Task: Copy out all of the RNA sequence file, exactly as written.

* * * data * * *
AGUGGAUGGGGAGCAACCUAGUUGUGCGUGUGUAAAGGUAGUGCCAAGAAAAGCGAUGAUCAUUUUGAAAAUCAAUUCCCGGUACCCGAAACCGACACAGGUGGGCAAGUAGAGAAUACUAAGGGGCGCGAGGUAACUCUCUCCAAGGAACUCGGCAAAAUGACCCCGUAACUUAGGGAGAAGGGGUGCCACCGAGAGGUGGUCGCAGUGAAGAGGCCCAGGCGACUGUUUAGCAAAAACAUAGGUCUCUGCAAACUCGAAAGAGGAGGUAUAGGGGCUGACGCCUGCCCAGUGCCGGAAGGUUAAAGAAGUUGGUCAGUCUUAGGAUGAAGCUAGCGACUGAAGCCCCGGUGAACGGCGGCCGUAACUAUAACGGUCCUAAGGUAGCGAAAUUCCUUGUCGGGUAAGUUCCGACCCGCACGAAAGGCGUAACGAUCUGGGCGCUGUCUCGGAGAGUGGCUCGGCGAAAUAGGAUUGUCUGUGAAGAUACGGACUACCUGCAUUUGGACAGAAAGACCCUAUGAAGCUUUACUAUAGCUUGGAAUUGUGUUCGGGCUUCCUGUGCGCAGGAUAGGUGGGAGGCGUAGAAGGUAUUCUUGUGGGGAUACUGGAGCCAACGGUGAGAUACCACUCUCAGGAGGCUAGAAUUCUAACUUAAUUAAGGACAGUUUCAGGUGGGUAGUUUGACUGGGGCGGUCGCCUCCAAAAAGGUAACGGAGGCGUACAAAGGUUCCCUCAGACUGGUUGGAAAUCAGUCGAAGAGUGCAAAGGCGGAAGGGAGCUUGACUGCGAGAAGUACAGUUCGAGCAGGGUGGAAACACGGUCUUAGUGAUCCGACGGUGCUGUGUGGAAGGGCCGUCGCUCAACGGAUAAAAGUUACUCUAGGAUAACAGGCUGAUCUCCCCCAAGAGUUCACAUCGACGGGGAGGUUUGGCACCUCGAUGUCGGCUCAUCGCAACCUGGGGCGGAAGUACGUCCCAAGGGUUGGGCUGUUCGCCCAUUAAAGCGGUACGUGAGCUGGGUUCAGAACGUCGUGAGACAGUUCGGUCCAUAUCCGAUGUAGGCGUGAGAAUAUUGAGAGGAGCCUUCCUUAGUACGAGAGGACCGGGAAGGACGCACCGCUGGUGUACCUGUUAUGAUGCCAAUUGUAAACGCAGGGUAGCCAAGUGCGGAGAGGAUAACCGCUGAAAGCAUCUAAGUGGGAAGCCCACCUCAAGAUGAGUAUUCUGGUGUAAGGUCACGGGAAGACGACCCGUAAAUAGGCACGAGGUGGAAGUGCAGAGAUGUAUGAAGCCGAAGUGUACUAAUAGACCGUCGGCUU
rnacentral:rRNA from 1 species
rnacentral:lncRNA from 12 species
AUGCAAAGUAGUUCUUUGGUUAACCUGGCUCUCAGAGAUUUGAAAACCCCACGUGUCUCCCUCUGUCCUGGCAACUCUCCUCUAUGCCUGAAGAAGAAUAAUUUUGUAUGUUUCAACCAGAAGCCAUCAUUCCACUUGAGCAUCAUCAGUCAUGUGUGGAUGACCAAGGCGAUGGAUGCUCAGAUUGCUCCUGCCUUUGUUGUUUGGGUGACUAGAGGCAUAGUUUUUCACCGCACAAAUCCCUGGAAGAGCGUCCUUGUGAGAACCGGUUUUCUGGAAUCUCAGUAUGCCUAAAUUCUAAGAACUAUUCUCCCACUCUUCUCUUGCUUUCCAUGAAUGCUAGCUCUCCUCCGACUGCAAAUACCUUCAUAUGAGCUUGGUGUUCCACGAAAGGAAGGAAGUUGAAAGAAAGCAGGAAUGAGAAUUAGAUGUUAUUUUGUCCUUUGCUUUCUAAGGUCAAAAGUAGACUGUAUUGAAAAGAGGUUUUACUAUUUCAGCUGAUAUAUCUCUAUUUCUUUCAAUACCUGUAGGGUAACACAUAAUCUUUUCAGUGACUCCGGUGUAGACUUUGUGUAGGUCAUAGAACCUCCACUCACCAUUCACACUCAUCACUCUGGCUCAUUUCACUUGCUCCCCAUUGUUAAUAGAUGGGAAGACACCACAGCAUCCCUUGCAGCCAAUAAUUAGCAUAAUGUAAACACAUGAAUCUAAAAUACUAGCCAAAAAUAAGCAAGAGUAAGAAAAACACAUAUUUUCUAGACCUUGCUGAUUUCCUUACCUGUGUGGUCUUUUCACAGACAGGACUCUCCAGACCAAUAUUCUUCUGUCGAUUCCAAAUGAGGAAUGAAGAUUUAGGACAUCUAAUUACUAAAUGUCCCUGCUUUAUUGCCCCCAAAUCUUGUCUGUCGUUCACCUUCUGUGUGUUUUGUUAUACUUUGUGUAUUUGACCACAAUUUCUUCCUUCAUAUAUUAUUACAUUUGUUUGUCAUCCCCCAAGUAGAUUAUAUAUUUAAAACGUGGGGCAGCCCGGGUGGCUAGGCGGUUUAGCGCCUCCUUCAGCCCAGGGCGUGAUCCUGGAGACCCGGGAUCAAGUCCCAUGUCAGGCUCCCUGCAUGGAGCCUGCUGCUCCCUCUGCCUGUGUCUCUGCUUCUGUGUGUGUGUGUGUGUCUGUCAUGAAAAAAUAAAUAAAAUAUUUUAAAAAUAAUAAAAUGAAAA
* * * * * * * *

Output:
AGUGGAUGGGGAGCAACCUAGUUGUGCGUGUGUAAAGGUAGUGCCAAGAAAAGCGAUGAUCAUUUUGAAAAUCAAUUCCCGGUACCCGAAACCGACACAGGUGGGCAAGUAGAGAAUACUAAGGGGCGCGAGGUAACUCUCUCCAAGGAACUCGGCAAAAUGACCCCGUAACUUAGGGAGAAGGGGUGCCACCGAGAGGUGGUCGCAGUGAAGAGGCCCAGGCGACUGUUUAGCAAAAACAUAGGUCUCUGCAAACUCGAAAGAGGAGGUAUAGGGGCUGACGCCUGCCCAGUGCCGGAAGGUUAAAGAAGUUGGUCAGUCUUAGGAUGAAGCUAGCGACUGAAGCCCCGGUGAACGGCGGCCGUAACUAUAACGGUCCUAAGGUAGCGAAAUUCCUUGUCGGGUAAGUUCCGACCCGCACGAAAGGCGUAACGAUCUGGGCGCUGUCUCGGAGAGUGGCUCGGCGAAAUAGGAUUGUCUGUGAAGAUACGGACUACCUGCAUUUGGACAGAAAGACCCUAUGAAGCUUUACUAUAGCUUGGAAUUGUGUUCGGGCUUCCUGUGCGCAGGAUAGGUGGGAGGCGUAGAAGGUAUUCUUGUGGGGAUACUGGAGCCAACGGUGAGAUACCACUCUCAGGAGGCUAGAAUUCUAACUUAAUUAAGGACAGUUUCAGGUGGGUAGUUUGACUGGGGCGGUCGCCUCCAAAAAGGUAACGGAGGCGUACAAAGGUUCCCUCAGACUGGUUGGAAAUCAGUCGAAGAGUGCAAAGGCGGAAGGGAGCUUGACUGCGAGAAGUACAGUUCGAGCAGGGUGGAAACACGGUCUUAGUGAUCCGACGGUGCUGUGUGGAAGGGCCGUCGCUCAACGGAUAAAAGUUACUCUAGGAUAACAGGCUGAUCUCCCCCAAGAGUUCACAUCGACGGGGAGGUUUGGCACCUCGAUGUCGGCUCAUCGCAACCUGGGGCGGAAGUACGUCCCAAGGGUUGGGCUGUUCGCCCAUUAAAGCGGUACGUGAGCUGGGUUCAGAACGUCGUGAGACAGUUCGGUCCAUAUCCGAUGUAGGCGUGAGAAUAUUGAGAGGAGCCUUCCUUAGUACGAGAGGACCGGGAAGGACGCACCGCUGGUGUACCUGUUAUGAUGCCAAUUGUAAACGCAGGGUAGCCAAGUGCGGAGAGGAUAACCGCUGAAAGCAUCUAAGUGGGAAGCCCACCUCAAGAUGAGUAUUCUGGUGUAAGGUCACGGGAAGACGACCCGUAAAUAGGCACGAGGUGGAAGUGCAGAGAUGUAUGAAGCCGAAGUGUACUAAUAGACCGUCGGCUU
rnacentral:rRNA from 1 species
rnacentral:lncRNA from 12 species
AUGCAAAGUAGUUCUUUGGUUAACCUGGCUCUCAGAGAUUUGAAAACCCCACGUGUCUCCCUCUGUCCUGGCAACUCUCCUCUAUGCCUGAAGAAGAAUAAUUUUGUAUGUUUCAACCAGAAGCCAUCAUUCCACUUGAGCAUCAUCAGUCAUGUGUGGAUGACCAAGGCGAUGGAUGCUCAGAUUGCUCCUGCCUUUGUUGUUUGGGUGACUAGAGGCAUAGUUUUUCACCGCACAAAUCCCUGGAAGAGCGUCCUUGUGAGAACCGGUUUUCUGGAAUCUCAGUAUGCCUAAAUUCUAAGAACUAUUCUCCCACUCUUCUCUUGCUUUCCAUGAAUGCUAGCUCUCCUCCGACUGCAAAUACCUUCAUAUGAGCUUGGUGUUCCACGAAAGGAAGGAAGUUGAAAGAAAGCAGGAAUGAGAAUUAGAUGUUAUUUUGUCCUUUGCUUUCUAAGGUCAAAAGUAGACUGUAUUGAAAAGAGGUUUUACUAUUUCAGCUGAUAUAUCUCUAUUUCUUUCAAUACCUGUAGGGUAACACAUAAUCUUUUCAGUGACUCCGGUGUAGACUUUGUGUAGGUCAUAGAACCUCCACUCACCAUUCACACUCAUCACUCUGGCUCAUUUCACUUGCUCCCCAUUGUUAAUAGAUGGGAAGACACCACAGCAUCCCUUGCAGCCAAUAAUUAGCAUAAUGUAAACACAUGAAUCUAAAAUACUAGCCAAAAAUAAGCAAGAGUAAGAAAAACACAUAUUUUCUAGACCUUGCUGAUUUCCUUACCUGUGUGGUCUUUUCACAGACAGGACUCUCCAGACCAAUAUUCUUCUGUCGAUUCCAAAUGAGGAAUGAAGAUUUAGGACAUCUAAUUACUAAAUGUCCCUGCUUUAUUGCCCCCAAAUCUUGUCUGUCGUUCACCUUCUGUGUGUUUUGUUAUACUUUGUGUAUUUGACCACAAUUUCUUCCUUCAUAUAUUAUUACAUUUGUUUGUCAUCCCCCAAGUAGAUUAUAUAUUUAAAACGUGGGGCAGCCCGGGUGGCUAGGCGGUUUAGCGCCUCCUUCAGCCCAGGGCGUGAUCCUGGAGACCCGGGAUCAAGUCCCAUGUCAGGCUCCCUGCAUGGAGCCUGCUGCUCCCUCUGCCUGUGUCUCUGCUUCUGUGUGUGUGUGUGUGUCUGUCAUGAAAAAAUAAAUAAAAUAUUUUAAAAAUAAUAAAAUGAAAA